Rabbi Stuart Weinblatt To Retire After 36 Years at Congregation B’nai Tzedek

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Rabbi Stuart Weinblatt. Photo courtesy of Rabbi Stuart Weinblatt.

Rabbi Stuart Weinblatt, the founder of Congregation B’nai Tzedek, is retiring after 36 years of balancing his internal duty to lead with a steadfast national voice of unwavering support for Israel.

At 71, Weinblatt assumes the title of rabbi emeritus as the Conservative synagogue, once a handful of members, has evolved into a welcoming and nurturing community in Potomac for nearly 600 families.

“B’nai Tzedek is now large enough to allow us to have a full staff and to offer a wide variety of programs, yet small enough that people still feel a personal connection,” Weinblatt said.
Hundreds gathered at his retirement gala on May 19 during which Gov. Wes Moore delivered remarks. Weinblatt gave the benediction at Moore’s inauguration ceremony and for governors preceding him.

“Those public aspects of the role of a rabbi have been very fulfilling and meaningful to me,” said Weinblatt, who has advocated for Israel during visits to Capitol Hill and led missions to the Jewish state.

The rabbi also values the intimate moments of pastoral care, like counseling a family in a difficult situation.

“Sometimes it’s been to bring about healing and reconciliation between estranged family members,” he said. “Then there’s the sharing of life cycle moments.”

B’nai Tzedek leaders, who have yet to name a replacement, praise Weinblatt’s dedication to the congregation.

“We have an incredibly special congregation, and that is due to Rabbi Weinblatt’s leadership,” said Rachel Federowicz, vice president of community engagement. “Not only does he look inward and is completely there for members of his congregation, but he is also always there for the greater community. He shows up for all the right causes.”

Founded in 2019 by Weinblatt, the Zionist Rabbinic Coalition has grown to encompass nearly 1,000 rabbis from various movements dedicated to promoting love and commitment to Israel. On May 20-22, he ran the organization’s third conference in Washington, D.C., attended by 70 rabbis.

“I’m a Zionist, and I appreciate having the most pro-Israel rabbi in this area,” said Carol Greenwald, a 15-year member of B’nai Tzedek and a student of Weinblatt’s Torah classes.
Weinblatt listens well and can teach at different levels of Torah knowledge and observance.

“He’s a brilliant teacher,” Greenwald said. “It was really a joy to go to his class and a joy to listen to him.”

Bruce Genderson, past president and current chairman of the board of trustees, considers Weinblatt to be a close friend, as do dozens of members. “He has taught all of us how to live more Jewishly and be engaged in the community more broadly.”

Congregants will miss the sense of humor of a rabbi who was a stand-up comedian in high school and in college.

“His talks and his relationships with people are all tinged with humor, and he uses humor to make important points,” Genderson said.

Weinblatt said his humor has been beneficial in his role as a rabbi.

“I’m able to connect with a congregation when I’m giving a sermon and break the tension in the boardroom. It helps keep things in perspective,” he said.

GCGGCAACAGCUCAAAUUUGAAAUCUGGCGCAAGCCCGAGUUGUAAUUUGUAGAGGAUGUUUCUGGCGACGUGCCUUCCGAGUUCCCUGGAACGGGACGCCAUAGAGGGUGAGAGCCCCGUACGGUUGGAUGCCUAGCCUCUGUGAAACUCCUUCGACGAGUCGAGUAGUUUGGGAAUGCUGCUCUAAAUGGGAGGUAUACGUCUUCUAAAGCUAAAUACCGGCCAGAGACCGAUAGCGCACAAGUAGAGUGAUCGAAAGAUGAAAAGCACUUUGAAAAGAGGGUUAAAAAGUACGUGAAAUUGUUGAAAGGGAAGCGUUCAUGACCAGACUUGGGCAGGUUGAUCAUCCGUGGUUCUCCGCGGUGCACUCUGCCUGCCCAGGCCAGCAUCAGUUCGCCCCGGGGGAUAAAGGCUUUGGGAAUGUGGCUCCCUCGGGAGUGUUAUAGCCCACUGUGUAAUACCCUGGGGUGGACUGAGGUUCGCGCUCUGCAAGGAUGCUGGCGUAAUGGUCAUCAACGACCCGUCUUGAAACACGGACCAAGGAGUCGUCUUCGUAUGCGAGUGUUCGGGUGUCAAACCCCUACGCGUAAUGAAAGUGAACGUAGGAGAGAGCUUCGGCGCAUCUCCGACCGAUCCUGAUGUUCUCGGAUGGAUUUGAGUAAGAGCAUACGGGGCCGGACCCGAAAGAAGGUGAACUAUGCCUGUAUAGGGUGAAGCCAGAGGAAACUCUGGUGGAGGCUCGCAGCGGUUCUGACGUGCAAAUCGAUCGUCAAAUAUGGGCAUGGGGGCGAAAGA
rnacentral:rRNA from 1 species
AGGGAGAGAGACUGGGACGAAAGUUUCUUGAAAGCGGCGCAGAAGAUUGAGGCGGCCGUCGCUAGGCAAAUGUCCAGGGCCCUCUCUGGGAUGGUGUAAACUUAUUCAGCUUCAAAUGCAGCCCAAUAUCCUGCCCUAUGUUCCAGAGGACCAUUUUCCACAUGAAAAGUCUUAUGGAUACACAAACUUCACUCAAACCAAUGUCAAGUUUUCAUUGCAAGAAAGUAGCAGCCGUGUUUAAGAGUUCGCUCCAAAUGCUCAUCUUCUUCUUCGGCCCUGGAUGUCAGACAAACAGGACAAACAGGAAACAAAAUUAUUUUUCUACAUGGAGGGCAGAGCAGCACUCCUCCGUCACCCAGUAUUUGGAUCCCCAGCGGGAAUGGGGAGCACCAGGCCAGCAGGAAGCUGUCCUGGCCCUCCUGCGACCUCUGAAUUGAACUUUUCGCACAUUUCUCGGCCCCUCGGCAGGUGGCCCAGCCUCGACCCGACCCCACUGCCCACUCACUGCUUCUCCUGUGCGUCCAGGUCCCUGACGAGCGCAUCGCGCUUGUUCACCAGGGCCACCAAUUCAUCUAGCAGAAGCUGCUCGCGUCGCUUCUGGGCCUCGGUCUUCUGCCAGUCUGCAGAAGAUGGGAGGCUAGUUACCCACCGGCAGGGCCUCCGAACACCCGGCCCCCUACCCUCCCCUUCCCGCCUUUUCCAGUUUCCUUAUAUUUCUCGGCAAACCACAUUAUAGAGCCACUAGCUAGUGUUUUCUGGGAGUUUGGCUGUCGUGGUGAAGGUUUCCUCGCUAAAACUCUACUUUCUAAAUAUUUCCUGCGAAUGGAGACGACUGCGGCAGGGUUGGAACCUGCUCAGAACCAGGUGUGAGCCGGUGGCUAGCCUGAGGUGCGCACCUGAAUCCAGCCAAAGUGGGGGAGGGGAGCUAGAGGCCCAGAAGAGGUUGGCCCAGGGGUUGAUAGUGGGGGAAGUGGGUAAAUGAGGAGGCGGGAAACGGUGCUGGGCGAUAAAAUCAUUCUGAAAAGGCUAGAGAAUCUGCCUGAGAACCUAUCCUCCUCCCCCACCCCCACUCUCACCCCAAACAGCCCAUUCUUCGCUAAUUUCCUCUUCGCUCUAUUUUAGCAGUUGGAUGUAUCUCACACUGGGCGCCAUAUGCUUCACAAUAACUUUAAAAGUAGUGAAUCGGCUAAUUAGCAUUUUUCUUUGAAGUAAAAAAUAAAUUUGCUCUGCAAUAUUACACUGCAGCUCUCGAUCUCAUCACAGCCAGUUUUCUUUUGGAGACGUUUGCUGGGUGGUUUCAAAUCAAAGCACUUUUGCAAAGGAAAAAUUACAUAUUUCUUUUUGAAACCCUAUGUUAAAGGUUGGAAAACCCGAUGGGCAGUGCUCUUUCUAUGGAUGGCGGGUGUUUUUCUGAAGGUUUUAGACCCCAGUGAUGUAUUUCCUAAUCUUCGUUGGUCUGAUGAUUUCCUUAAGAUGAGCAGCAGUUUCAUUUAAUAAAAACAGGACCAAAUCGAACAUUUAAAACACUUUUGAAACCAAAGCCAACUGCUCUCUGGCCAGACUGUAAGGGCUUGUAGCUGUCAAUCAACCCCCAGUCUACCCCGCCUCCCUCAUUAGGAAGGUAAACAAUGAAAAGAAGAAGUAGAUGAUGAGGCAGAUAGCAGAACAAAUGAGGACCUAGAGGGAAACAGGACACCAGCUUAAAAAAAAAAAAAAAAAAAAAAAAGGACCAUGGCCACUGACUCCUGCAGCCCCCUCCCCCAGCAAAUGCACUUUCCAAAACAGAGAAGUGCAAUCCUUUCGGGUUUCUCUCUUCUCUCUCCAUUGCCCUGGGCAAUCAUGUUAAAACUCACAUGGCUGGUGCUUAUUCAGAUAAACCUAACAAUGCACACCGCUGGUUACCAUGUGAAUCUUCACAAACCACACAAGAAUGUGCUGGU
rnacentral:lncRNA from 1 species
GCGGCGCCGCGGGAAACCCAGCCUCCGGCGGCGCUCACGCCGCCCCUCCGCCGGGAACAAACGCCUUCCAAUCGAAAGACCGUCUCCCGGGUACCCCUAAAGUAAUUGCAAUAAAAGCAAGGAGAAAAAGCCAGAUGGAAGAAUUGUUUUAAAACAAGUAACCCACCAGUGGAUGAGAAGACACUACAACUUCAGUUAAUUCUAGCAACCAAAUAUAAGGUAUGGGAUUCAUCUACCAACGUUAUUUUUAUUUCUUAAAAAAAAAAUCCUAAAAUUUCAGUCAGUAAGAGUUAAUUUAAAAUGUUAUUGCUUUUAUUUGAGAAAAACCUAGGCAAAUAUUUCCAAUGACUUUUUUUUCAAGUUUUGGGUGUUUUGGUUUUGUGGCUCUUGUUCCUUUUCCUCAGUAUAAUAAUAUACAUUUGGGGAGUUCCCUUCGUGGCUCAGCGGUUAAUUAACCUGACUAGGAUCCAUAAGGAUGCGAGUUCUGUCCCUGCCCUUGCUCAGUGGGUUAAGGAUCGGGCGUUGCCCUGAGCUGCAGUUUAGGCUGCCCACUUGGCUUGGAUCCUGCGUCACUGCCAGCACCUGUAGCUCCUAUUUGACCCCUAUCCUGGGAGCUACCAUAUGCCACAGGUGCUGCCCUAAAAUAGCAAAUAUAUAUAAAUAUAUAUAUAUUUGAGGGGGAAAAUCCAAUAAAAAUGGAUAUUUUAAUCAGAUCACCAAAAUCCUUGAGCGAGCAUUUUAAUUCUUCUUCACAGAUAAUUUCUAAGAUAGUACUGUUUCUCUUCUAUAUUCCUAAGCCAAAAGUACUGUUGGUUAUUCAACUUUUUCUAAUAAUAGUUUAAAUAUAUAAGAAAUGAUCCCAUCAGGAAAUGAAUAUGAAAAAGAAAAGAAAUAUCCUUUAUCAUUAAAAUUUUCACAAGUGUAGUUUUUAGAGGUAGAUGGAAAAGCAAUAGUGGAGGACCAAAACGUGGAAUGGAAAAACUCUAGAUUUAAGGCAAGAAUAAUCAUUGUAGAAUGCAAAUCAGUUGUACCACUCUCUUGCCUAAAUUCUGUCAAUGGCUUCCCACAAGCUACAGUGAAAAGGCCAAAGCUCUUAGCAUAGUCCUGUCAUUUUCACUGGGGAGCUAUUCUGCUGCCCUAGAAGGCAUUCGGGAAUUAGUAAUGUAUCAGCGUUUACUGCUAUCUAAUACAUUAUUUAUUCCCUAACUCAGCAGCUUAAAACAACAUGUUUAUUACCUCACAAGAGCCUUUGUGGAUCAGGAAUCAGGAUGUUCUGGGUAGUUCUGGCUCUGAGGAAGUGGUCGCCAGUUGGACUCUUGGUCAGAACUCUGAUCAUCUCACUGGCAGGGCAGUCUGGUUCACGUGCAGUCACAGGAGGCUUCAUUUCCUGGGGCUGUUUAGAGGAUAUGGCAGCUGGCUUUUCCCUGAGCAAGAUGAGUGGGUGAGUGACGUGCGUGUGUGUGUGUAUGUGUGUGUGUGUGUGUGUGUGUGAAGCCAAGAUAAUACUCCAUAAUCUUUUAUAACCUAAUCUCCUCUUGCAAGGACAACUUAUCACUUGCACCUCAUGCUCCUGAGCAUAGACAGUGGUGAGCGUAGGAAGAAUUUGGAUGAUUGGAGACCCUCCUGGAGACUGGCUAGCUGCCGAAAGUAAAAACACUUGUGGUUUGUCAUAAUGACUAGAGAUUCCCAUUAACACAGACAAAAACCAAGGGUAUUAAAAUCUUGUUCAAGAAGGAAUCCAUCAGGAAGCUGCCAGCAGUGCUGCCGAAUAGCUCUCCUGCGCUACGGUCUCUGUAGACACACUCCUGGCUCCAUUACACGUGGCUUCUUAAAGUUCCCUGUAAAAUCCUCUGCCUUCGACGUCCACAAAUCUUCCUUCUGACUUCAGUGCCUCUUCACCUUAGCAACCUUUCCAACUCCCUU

The rabbi will continue to be involved with the synagogue in a yet-to-be-defined role. After 60-hour work weeks, he will have more time to devote to the Zionist Rabbinic Coalition and allocate additional time for his family, which includes eight grandchildren.

The timing of his retirement is significant. He would have retired a year earlier, but he wanted to shepherd the congregation through the pandemic. Then came the Hamas massacre on Oct. 7, which gave him a crucial reason to stay on.

“Most of my sermons since that time have been to offer support and comfort and to help explain what’s going on. People have gotten a great deal of strength from that,” he said. “So, I’m glad that I was able to be here during this difficult time.”

Ending on a high note is always a positive choice.

“I love every moment of everything I do every day,” Weinblatt said. “Hopefully, members feel that way and that it is best to retire before anyone stops feeling that way.”

The Yom Kippur War in 1973 inspired Weinblatt to pursue a career as a rabbi. He was then a senior in college.

“Looking back, I realized the tenuous nature of Israel’s existence and at the time it really had a profound effect on me,” he said. “I said to myself that I would do whatever I could for the survival of Judaism, Israel and the Jewish people.”

Accepted to Hebrew Union College, he traveled to Israel during his first year to study Hebrew. Subsequently ordained in 1979, he served as a rabbi at two Reform synagogues, including one in Bowie, before ultimately determining that the Reform movement was no longer a comfortable fit for him.

In 1988, he started B’nai Tzedek as a Conservative synagogue. He joined the Rabbinical Assembly, an international association of Conservative rabbis.

The rabbi and a handful of families got the synagogue off the ground without seed money from Jewish organizations. By 1992, the synagogue bought land and, by 1994, B’nai Tzedek opened a new building.

Weinblatt has cherished being a pulpit rabbi throughout all these years.

“It offers so many opportunities to both touch people and be there for them, to play a meaningful role in their lives; to make a positive contribution to the perpetuation of Judaism and the Jewish people,” he said.

Ellen Braunstein is a freelance writer.

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